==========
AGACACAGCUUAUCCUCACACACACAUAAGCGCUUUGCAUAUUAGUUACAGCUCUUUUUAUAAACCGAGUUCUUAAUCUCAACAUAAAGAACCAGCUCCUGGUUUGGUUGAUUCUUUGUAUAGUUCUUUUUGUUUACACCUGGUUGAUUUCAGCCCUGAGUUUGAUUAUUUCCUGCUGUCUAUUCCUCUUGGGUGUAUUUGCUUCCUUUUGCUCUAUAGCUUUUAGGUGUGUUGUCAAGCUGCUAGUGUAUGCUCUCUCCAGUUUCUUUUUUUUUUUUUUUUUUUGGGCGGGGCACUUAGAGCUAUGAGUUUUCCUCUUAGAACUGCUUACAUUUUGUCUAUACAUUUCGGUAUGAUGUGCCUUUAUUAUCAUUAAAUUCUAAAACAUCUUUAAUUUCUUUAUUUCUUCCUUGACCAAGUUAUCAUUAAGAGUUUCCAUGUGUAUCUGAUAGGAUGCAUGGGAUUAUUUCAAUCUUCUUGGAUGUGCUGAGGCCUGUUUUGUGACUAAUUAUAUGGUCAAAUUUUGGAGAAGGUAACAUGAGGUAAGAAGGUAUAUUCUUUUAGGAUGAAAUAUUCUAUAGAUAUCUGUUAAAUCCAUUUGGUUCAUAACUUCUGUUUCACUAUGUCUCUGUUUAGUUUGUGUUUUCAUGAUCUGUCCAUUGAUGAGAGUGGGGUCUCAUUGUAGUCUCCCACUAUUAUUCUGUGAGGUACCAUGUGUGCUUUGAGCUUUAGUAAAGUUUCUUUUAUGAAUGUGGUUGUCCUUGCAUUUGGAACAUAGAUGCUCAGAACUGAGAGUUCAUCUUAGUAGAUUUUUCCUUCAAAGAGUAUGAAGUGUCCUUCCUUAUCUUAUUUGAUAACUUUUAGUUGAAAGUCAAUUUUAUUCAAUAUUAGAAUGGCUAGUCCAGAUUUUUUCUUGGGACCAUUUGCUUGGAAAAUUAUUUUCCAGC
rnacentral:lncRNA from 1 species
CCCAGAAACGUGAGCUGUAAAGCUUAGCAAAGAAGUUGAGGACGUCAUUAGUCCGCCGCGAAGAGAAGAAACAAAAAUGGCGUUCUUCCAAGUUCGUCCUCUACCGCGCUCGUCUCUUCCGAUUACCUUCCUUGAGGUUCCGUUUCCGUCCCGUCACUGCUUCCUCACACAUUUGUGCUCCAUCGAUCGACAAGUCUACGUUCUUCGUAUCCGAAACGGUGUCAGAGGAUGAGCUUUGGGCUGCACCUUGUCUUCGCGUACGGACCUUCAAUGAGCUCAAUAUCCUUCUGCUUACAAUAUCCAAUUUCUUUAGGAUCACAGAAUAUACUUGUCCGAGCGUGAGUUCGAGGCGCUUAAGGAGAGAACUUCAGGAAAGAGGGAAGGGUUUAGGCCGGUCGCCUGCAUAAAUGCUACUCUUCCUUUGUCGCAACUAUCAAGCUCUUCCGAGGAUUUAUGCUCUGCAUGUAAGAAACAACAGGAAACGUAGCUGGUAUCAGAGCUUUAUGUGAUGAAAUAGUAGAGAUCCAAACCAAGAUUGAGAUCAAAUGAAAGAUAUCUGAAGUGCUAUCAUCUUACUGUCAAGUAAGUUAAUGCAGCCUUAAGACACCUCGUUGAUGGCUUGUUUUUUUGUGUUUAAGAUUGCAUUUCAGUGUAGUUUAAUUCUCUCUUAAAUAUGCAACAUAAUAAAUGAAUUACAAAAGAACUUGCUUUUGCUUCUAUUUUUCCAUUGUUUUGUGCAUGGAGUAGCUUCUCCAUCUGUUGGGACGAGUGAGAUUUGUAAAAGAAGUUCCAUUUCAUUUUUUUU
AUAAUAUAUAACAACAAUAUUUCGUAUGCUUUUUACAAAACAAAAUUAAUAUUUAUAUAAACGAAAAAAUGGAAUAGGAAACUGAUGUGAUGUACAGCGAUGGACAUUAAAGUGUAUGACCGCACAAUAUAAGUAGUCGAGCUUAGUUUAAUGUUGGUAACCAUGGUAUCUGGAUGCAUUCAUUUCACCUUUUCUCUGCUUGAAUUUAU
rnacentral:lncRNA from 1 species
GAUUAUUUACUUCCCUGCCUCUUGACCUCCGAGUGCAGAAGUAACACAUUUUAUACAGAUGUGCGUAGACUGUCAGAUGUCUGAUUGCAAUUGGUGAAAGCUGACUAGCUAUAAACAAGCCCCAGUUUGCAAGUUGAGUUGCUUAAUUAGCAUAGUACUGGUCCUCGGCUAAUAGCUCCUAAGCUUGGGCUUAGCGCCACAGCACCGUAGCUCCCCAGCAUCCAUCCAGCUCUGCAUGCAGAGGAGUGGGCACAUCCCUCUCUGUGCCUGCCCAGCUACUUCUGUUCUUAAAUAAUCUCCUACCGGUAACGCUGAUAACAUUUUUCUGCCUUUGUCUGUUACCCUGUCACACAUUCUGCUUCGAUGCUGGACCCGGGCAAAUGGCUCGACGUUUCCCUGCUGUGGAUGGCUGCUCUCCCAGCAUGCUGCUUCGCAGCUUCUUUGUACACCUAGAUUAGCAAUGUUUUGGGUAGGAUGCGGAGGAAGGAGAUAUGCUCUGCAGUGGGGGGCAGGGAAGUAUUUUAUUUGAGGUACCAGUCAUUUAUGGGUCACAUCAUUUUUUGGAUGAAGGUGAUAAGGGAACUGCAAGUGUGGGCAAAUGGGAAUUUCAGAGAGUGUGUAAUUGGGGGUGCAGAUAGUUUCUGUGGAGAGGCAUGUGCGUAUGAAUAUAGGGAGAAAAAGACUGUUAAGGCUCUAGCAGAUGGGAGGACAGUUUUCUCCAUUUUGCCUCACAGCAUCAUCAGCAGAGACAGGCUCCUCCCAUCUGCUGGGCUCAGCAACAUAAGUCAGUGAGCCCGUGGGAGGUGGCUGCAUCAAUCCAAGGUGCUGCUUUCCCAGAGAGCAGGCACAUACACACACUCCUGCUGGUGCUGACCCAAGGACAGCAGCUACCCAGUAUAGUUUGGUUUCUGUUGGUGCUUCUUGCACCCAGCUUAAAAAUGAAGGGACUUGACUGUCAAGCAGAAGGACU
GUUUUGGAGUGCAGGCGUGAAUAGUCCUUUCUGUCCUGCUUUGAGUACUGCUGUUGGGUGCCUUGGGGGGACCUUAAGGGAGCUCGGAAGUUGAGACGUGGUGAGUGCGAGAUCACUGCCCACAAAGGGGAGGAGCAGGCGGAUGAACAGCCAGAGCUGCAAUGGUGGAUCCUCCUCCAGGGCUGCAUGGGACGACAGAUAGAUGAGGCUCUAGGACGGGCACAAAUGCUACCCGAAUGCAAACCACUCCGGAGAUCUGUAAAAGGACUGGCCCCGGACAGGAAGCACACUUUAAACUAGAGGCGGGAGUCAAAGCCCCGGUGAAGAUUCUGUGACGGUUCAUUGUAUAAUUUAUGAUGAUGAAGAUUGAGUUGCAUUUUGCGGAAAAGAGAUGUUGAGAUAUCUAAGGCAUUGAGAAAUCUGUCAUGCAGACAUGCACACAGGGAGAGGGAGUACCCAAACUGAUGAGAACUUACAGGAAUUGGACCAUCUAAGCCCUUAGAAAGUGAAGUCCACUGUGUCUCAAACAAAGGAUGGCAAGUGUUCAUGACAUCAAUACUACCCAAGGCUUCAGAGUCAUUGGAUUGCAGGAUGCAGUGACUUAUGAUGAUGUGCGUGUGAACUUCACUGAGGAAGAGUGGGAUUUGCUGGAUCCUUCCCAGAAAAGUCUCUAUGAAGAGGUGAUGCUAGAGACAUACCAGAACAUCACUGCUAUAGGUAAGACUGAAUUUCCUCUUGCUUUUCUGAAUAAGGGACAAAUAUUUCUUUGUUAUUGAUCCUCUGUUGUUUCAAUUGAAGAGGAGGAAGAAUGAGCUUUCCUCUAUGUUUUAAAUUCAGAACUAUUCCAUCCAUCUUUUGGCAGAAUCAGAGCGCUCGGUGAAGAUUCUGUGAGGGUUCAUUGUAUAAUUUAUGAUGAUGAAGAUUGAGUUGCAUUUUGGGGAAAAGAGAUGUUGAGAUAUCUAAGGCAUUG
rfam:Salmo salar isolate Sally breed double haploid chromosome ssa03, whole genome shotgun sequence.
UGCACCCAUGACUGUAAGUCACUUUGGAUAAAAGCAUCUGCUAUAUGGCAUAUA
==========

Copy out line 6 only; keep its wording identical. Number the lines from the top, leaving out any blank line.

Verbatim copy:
GAUUAUUUACUUCCCUGCCUCUUGACCUCCGAGUGCAGAAGUAACACAUUUUAUACAGAUGUGCGUAGACUGUCAGAUGUCUGAUUGCAAUUGGUGAAAGCUGACUAGCUAUAAACAAGCCCCAGUUUGCAAGUUGAGUUGCUUAAUUAGCAUAGUACUGGUCCUCGGCUAAUAGCUCCUAAGCUUGGGCUUAGCGCCACAGCACCGUAGCUCCCCAGCAUCCAUCCAGCUCUGCAUGCAGAGGAGUGGGCACAUCCCUCUCUGUGCCUGCCCAGCUACUUCUGUUCUUAAAUAAUCUCCUACCGGUAACGCUGAUAACAUUUUUCUGCCUUUGUCUGUUACCCUGUCACACAUUCUGCUUCGAUGCUGGACCCGGGCAAAUGGCUCGACGUUUCCCUGCUGUGGAUGGCUGCUCUCCCAGCAUGCUGCUUCGCAGCUUCUUUGUACACCUAGAUUAGCAAUGUUUUGGGUAGGAUGCGGAGGAAGGAGAUAUGCUCUGCAGUGGGGGGCAGGGAAGUAUUUUAUUUGAGGUACCAGUCAUUUAUGGGUCACAUCAUUUUUUGGAUGAAGGUGAUAAGGGAACUGCAAGUGUGGGCAAAUGGGAAUUUCAGAGAGUGUGUAAUUGGGGGUGCAGAUAGUUUCUGUGGAGAGGCAUGUGCGUAUGAAUAUAGGGAGAAAAAGACUGUUAAGGCUCUAGCAGAUGGGAGGACAGUUUUCUCCAUUUUGCCUCACAGCAUCAUCAGCAGAGACAGGCUCCUCCCAUCUGCUGGGCUCAGCAACAUAAGUCAGUGAGCCCGUGGGAGGUGGCUGCAUCAAUCCAAGGUGCUGCUUUCCCAGAGAGCAGGCACAUACACACACUCCUGCUGGUGCUGACCCAAGGACAGCAGCUACCCAGUAUAGUUUGGUUUCUGUUGGUGCUUCUUGCACCCAGCUUAAAAAUGAAGGGACUUGACUGUCAAGCAGAAGGACU